In the real world, the world of jobs and mort­gages and alimo­ny pay­ments to your secret Vegas wife, this is per­fect­ly sen­si­ble behav­iour. It’s wise to have sav­ings or assets to fall back on in hard times. In the world of a game, par­tic­u­lar­ly these spe­cif­ic games, such behav­iour is absolute­ly pants‐on‐head insane. As men­tioned above, I never have occa­sion to buy any­thing in these games any­more. I broke the econ­o­my so badly that I’m pret­ty sure I am the only per­son in the entire world with any money to spend and I’m not spend­ing it! I will never fall on hard times because not only do I own all the money, I’ve also got the biggest swords and my char­ac­ter is so damn over­pow­ered I once head­butted a moun­tain to death just to prove that I could. There’s no way for me to lose my Smaug‐like hoard, and con­se­quent­ly no rea­son for me to keep adding to it. I bring these points up because I know for a fact, through dis­cus­sion with friends and forums, that I’m not the only per­son doing this. It seems everyone’s ver­sion of Skyrim is pot­holed with hous­es empty but for gem­stones, gold bars and bits of dead drag­on (which are sur­pris­ing­ly valu­able, for some unfath­omable rea­son, since after so many hours of game­play there are enough dead drag­ons lying around the place that any­one who wants a bit can help them­selves). The urge to fol­low the kill > loot > sell > repeat cycle is ham­mered into play­ers early on, and pre­sum­ably the devel­op­ers are aware of it, so why isn’t there any­thing to do with my vast quan­ti­ty of ill‐gotten gains? After a cer­tain point in the game, money ceas­es to have any func­tion other than to sit in your inven­to­ry and make you feel like the big shot you most like­ly aren’t in the real world.

There are games which have clear­ly put more thought into an endgame sce­nario, and will pro­vide use­ful ways to spend the ever‐increasing hoard, but even then the money can’t help but have an effect on the nar­ra­tive by its very pres­ence. In Civilization: Revolution (a stripped down and sim­pli­fied ver­sion of the clas­sic series designed to be played on con­soles) there are var­i­ous ways to win a match. You can dom­i­nate the world phys­i­cal­ly, cul­tur­al­ly, eco­nom­i­cal­ly or by being the smarty‐pants with the smartest pants and accu­mu­lat­ing what’s known as “all the learn­ing.” What’s sur­pris­ing for a game osten­si­bly about guid­ing a nation to endur­ing suc­cess is that by far the eas­i­est way to win is by build­ing armies and pimp‐slapping your neigh­bour­ing cities rather than pur­su­ing more noble goals. Diplomacy in the game is robbed of any sem­blance of sub­tle­ty, with non‐allied nations con­stant­ly declar­ing war or attempt­ing to extort cash/knowledge with the threat of vio­lence — pur­port­ed­ly to keep the twitchy, men­tal­ly infe­ri­or con­sole play­ers stim­u­lat­ed and pre­vent the game from stag­nat­ing – and as such strong walls and a mighty army are a neces­si­ty even if the play­er isn’t plan­ning on pick­ing any fights. In fact, as one nation approach­es a vic­to­ry con­di­tion, all the oth­ers will auto­mat­i­cal­ly gang up and declare war in an attempt to inter­fere.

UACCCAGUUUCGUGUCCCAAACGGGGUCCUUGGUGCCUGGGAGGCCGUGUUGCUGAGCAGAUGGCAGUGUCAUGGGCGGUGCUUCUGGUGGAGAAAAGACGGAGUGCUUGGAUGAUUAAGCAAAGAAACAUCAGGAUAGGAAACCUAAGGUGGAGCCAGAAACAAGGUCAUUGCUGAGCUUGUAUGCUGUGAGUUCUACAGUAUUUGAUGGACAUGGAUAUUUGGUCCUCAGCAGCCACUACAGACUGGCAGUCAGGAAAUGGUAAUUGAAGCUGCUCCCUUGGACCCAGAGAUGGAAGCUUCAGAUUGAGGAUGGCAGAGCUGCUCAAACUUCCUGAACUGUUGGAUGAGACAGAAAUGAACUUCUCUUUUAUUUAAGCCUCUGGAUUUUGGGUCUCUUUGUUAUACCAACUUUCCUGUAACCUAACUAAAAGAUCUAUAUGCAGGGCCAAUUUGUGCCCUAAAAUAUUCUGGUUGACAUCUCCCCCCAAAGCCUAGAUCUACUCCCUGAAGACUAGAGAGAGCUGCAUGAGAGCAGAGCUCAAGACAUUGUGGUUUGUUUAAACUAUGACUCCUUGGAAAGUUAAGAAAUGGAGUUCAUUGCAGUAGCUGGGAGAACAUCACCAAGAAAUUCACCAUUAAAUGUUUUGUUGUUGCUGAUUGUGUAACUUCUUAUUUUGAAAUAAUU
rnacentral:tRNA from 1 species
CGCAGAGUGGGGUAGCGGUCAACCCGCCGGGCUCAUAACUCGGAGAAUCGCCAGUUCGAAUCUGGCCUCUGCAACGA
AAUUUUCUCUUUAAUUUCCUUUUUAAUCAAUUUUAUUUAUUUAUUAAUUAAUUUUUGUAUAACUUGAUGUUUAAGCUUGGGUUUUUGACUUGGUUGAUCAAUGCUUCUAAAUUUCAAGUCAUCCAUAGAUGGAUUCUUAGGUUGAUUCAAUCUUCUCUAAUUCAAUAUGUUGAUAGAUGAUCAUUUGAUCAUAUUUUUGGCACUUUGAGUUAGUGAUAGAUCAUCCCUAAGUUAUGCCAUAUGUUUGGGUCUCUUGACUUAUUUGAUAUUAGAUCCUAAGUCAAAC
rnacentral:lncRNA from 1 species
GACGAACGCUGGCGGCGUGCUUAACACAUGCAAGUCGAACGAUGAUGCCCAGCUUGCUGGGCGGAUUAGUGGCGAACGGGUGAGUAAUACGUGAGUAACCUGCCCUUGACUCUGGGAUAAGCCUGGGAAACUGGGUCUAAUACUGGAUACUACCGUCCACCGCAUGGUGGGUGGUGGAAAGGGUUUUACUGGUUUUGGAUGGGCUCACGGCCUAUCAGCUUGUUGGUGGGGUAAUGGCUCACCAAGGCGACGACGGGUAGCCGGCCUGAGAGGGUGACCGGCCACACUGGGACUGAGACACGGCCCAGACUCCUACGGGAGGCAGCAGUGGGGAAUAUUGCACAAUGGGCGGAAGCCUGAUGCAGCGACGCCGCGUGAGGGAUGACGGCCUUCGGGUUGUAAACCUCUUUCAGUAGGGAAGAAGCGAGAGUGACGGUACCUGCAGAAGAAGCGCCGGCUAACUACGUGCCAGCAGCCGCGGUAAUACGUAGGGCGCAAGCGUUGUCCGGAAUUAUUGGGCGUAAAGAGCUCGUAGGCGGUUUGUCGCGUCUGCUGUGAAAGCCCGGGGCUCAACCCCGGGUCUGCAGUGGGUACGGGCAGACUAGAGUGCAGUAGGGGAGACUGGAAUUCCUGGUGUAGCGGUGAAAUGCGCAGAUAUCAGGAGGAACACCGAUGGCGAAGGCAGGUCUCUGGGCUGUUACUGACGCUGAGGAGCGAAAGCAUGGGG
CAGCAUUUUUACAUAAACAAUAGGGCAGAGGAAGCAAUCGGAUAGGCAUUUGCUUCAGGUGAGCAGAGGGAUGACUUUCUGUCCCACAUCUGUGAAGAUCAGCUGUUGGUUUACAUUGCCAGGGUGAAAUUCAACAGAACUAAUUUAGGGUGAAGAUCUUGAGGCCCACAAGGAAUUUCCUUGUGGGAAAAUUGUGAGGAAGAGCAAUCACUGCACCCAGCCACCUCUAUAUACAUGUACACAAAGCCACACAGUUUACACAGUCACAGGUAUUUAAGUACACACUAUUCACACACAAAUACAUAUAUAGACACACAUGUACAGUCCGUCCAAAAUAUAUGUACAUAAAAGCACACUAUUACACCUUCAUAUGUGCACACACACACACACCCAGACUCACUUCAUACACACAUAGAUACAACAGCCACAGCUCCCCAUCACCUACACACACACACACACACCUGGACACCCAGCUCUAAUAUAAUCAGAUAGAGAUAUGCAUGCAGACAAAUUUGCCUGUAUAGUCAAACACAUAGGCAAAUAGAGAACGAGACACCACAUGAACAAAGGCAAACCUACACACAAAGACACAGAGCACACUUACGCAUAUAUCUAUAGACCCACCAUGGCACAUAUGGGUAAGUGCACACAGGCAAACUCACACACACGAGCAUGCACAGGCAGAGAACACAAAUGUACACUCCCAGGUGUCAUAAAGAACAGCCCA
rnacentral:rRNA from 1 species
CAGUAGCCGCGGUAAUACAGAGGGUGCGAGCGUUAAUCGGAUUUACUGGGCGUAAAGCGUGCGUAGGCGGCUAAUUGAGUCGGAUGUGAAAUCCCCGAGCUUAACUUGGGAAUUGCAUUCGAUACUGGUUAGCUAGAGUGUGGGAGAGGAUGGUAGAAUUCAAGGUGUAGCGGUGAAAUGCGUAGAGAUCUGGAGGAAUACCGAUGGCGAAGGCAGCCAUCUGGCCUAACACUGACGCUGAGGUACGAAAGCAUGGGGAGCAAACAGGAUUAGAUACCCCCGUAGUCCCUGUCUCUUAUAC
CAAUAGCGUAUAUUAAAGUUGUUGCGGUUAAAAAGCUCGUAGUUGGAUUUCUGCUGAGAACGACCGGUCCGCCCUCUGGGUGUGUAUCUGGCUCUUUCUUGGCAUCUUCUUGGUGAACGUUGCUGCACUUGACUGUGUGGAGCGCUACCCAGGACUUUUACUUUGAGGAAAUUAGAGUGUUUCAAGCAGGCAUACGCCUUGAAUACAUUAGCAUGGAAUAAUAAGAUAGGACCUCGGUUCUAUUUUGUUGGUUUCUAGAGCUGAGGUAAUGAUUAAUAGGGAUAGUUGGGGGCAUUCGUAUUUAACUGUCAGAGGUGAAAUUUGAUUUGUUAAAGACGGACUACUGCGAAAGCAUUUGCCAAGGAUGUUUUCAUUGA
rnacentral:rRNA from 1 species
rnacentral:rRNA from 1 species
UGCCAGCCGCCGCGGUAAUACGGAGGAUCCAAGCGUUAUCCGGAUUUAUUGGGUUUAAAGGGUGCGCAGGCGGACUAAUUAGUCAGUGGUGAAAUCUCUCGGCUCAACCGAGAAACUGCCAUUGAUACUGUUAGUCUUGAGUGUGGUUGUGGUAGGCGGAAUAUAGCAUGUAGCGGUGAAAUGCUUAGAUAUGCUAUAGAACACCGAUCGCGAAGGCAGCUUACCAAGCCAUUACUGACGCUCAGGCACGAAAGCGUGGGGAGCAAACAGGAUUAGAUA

On paper it’s a decent enough way to keep the play­er on their toes and for­ev­er check­ing over their shoul­der for incom­ing treach­ery, but in prac­tice it usu­al­ly leads to acci­den­tal mil­i­tary con­quest. When you play for an eco­nom­ic vic­to­ry (accu­mu­late 20,000 gold and build the World Bank won­der) you will nat­u­ral­ly have a lot of money lying around, hav­ing geared your cities toward cash pro­duc­tion. So when the other fac­tions begin to get uppi­ty, it’s a sim­ple mat­ter to use some of that gold to mass‐produce artillery and put them back in their place. Once you take a city or two, even the most blood­thirsty leader (which for some very odd rea­son always seems to be Gandhi) will back down and leave you alone, at least for a while. But by then, you’ve got armies of tanks dot­ted around the map, often sur­round­ed by cities who’ve already deplet­ed their defences in a failed attempt to hold back the tide of your armies, and you’ve still got more money rolling in than you know what to do with. Rather than sim­ply rein­forc­ing posi­tions, skip­ping turns and let­ting the money pile up until you win (which is pret­ty bor­ing) the temp­ta­tion is to blitzkrieg the hell out of some near­by cities just to pass the time. Even if you try to resist this urge, it seems your neigh­bours never learn from their mis­takes, and once they think them­selves strong enough they will inevitably launch anoth­er attack, so there’s no way to avoid a con­fronta­tion. Military con­quest, how­ev­er, seems to be a lot like Pringles; you can never stop at one. Backed by some very, very deep pock­ets, your unstop­pable armies will sweep across the globe, tak­ing city after city until you realise that there’s nowhere left to go, and that you’re moments away from a dom­i­na­tion vic­to­ry. Seeley once famous­ly described the British Empire as being “acquired in a fit of absence of mind”, but I’ve con­quered entire worlds sim­ply through a sur­feit of pock­et change. Unlike the pre­vi­ous exam­ples, in Civ:Rev there is a good rea­son to col­lect coinage and a worth­while use for it, but the pres­ence of so much money still warps and dis­torts what the game is try­ing to do.